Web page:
City Research Online

Numerical Investigation of the Aerodynamic Droplet Breakup at Mach Numbers Greater Than 1

Stefanitsis, D., Koukouvinis, F. ORCID: 0000-0002-3945-3707, Nikolopoulos, N. and Gavaises, M. ORCID: 0000-0003-0874-8534 (2020). Numerical Investigation of the Aerodynamic Droplet Breakup at Mach Numbers Greater Than 1. Journal of Energy Engineering, 147(1), doi: 10.1061/(ASCE)EY.1943-7897.0000720

Abstract

The present work examines numerically the breakup of water droplets exposed to gas flows at Mach numbers Ma>1, which resemble the ambient conditions encountered in the injection systems of scramjet (supersonic combustion ramjet) engines. A CFD model is utilized which solves the compressible Navier-Stokes equations, the energy equation, the mass conservation in volume fraction form (volume of fluid method) along with two equations of state to model the density variations of the two phases. In addition, a coupled VOF/Lagrange model is employed to capture the appearance of micro-droplets, which are smaller than the smallest grid cell. As a first step, a 2-dimensional planar simulation (water column) is performed at conditions of Ma=1.47 in order to validate the numerical model; its results are compared against published experimental and numerical data. Good agreement is observed for the temporal evolution of droplet shape, the streamwise deformation, the leading-edge displacement as well as the shock wave reflection. Subsequently, the validated model is utilized to perform a 3-D simulation at Ma=1.23, which corresponds to the conditions of previous experimental studies, and its results are compared against the experimental data as well as the results from previous numerical studies, showing good agreement. Furthermore, surface instabilities are observed at the droplet surface initiated by interfacial instabilities due to the shearing effect and the interaction with the shock-wave, pertaining to Kelvin-Helmholtz and Rayleigh-Taylor instabilities, despite the stabilising contribution of surface tension; viscosity effects are found to play an insignificant role.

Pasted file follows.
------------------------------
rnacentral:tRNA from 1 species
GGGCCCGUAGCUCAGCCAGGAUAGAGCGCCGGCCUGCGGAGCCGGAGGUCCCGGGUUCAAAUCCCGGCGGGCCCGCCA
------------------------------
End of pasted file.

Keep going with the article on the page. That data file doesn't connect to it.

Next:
Publication Type: Article
Additional Information: This material may be downloaded for personal use only. Any other use requires prior permission of the American Society of Civil Engineers. This material may be found at https://ascelibrary.org/journal/jleed9.
Publisher Keywords: Droplet breakup; shock wave; high Mach number; CFD; surface instabilities;
Subjects: Q Science > QC Physics
T Technology > TL Motor vehicles. Aeronautics. Astronautics
Departments: School of Mathematics, Computer Science & Engineering > Engineering > Mechanical Engineering & Aeronautics
Date Deposited: 20 Jul 2020 12:00
URI: https://openaccess.city.ac.uk/id/eprint/24574
[img]
Preview
Text - Accepted Version
Download (1MB) | Preview

Export

Downloads

Downloads per month over past year

View more statistics

Actions (login required)

Admin Login Admin Login